Unsafe workplace conditions can not only result in injuries but also illnesses. For example, a recently published study on female workers in Ontario shows a tie between exposure to hazardous chemicals and breast cancer.
The six-year study, conducted by a team of researchers from Canada, the US and the UK, examined the occupational histories of 1,006 women from Ontario’s Essex and Kent counties who had breast cancer and 1,146 who didn’t. The women in the study worked in auto parts plants, casinos, food canning factories, farms and metalworking plants. The researchers made adjustments for smoking, weight, alcohol use and other lifestyle and reproductive factors.
The results: Women employed in the automotive plastics industry were almost five times as likely to develop breast cancer (pre-menopause) as women in the control group. These workers may handle an array of carcinogenic and endocrine-disrupting chemicals, including bisphenol A (BPA), solvents, heavy metals and flame retardants.
Although the study focused on women employed in plastics factories, the implications are broader. After all, workers in similar and other kinds of plants around the world are exposed to many of the same chemicals.
This research supports similar conclusions in other studies on breast cancer and chemicals:
- A French study in 2011 found elevated cancer risks among women who worked in plastics, rubber and textile manufacturing.
- A study from Mexico in 2010 found that the presence of metabolites of phthalates—softening agents for plastics that have endocrine-disrupting properties—in urine was “positively associated” with breast cancer.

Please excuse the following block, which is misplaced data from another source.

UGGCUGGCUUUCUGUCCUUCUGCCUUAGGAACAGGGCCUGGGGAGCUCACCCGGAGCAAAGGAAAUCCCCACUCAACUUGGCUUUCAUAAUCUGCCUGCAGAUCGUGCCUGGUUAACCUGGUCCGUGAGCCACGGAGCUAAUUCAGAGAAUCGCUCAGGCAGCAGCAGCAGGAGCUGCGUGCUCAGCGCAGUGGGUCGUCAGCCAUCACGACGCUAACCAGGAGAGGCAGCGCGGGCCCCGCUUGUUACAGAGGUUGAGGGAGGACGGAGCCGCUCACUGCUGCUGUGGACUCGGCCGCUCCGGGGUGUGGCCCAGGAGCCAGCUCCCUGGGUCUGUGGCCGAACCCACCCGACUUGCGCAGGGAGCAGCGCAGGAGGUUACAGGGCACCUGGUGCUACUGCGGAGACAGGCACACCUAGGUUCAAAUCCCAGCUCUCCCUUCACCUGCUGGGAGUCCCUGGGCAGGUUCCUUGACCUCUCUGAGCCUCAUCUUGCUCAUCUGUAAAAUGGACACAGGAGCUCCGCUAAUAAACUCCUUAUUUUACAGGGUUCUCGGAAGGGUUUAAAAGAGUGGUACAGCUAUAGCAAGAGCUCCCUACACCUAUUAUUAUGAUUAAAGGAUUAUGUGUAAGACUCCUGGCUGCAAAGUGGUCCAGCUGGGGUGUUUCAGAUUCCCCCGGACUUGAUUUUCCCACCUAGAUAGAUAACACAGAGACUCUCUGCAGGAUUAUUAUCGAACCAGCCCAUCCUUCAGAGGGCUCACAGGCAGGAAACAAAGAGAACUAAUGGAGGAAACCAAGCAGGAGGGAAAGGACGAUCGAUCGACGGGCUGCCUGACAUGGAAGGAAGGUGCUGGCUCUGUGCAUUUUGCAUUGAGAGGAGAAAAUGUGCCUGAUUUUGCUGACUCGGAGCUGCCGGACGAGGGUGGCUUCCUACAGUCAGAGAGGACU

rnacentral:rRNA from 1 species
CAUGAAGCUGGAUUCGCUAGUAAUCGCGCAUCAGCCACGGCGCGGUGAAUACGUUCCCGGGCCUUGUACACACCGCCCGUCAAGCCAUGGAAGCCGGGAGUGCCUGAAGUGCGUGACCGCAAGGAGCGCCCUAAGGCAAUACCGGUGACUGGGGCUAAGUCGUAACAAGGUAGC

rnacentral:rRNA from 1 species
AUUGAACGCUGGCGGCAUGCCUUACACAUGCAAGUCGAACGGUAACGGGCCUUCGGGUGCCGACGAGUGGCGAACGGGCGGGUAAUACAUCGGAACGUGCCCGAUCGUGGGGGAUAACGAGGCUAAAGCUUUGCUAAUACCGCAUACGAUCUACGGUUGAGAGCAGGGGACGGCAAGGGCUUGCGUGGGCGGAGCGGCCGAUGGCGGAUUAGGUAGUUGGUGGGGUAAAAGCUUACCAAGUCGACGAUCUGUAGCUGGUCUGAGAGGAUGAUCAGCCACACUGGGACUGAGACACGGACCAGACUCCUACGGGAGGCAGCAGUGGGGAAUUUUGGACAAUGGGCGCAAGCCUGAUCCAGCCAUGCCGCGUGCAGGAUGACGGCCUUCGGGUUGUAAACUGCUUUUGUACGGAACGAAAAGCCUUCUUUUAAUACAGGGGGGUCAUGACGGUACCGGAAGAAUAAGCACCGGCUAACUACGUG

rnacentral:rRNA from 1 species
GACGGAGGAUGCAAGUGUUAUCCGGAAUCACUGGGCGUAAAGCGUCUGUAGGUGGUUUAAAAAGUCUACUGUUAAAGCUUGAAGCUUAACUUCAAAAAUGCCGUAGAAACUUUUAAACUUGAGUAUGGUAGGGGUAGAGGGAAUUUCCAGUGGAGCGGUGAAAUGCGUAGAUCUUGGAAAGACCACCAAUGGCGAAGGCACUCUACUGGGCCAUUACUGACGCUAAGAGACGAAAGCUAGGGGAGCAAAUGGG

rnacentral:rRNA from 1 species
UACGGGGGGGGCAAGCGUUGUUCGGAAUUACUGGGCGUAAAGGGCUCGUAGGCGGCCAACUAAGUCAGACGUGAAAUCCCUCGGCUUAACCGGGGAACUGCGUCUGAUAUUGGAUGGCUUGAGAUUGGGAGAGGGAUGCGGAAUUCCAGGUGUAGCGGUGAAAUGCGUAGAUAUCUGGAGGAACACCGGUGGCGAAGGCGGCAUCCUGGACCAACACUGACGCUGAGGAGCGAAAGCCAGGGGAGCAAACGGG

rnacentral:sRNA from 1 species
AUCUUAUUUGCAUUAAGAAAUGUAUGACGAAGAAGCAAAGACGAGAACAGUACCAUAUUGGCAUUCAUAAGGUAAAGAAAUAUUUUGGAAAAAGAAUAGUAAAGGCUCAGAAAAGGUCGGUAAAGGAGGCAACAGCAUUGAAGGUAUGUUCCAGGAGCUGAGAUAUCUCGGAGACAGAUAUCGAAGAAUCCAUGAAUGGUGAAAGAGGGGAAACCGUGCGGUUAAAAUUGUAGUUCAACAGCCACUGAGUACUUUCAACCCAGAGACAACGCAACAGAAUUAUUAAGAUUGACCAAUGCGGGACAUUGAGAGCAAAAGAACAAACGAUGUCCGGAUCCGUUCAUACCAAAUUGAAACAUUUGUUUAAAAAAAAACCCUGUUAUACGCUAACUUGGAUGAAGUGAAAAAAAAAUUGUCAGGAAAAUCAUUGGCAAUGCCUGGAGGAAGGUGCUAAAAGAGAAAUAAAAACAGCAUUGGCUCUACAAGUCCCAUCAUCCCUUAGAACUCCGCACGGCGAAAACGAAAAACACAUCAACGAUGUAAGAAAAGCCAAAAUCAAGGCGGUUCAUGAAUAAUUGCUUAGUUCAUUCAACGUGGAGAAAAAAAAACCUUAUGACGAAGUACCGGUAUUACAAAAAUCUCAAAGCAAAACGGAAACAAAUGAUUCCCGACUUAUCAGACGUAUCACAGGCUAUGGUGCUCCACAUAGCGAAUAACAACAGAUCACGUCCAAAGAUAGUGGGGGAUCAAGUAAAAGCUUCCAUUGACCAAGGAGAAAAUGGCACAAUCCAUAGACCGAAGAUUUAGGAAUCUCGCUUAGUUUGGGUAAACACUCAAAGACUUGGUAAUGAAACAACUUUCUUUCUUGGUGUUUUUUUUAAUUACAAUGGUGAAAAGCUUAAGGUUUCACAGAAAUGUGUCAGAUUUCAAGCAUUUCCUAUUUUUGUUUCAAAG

- A 2007 paper from US researchers identified 216 chemicals that have been associated with mammary gland tumors in animals.
Shift work has also been tied to increased cancer risks.
An in-depth article by the Center for Public Integrity looked at the study and the conditions under which these women worked.
It notes that for more than three decades, workers, most of them women, complained about dreadful conditions in many of Windsor’s plastic automotive parts factories, including pungent fumes and dust that caused nosebleeds, headaches, nausea and dizziness.
Workers say that conditions in some of the plants have improved. For example, hot plastic would be removed from the molding machines and dumped on the floor, where it could lie for up to an hour. Some companies have altered this process, now requiring this muck to be put into covered barrels.
Others have relocated grinding machines that generate huge quantities of dust to isolated areas to reduce worker exposure. But workers say that a lack of local ventilation is still typical at many facilities. (Here’s information on how to maintain proper indoor air quality in your workplace, including the use of adequate ventilation.)
The Canadian plastics workers interviewed by the Center say they have little faith in their country’s system of workplace regulation. They claim factory inspections are haphazard and chemical standards in many cases are weak.
The Canadian Plastics Industry Association didn’t respond to the Center’s requests for comment nor did the president of the Canadian Automotive Parts Manufacturers’ Association.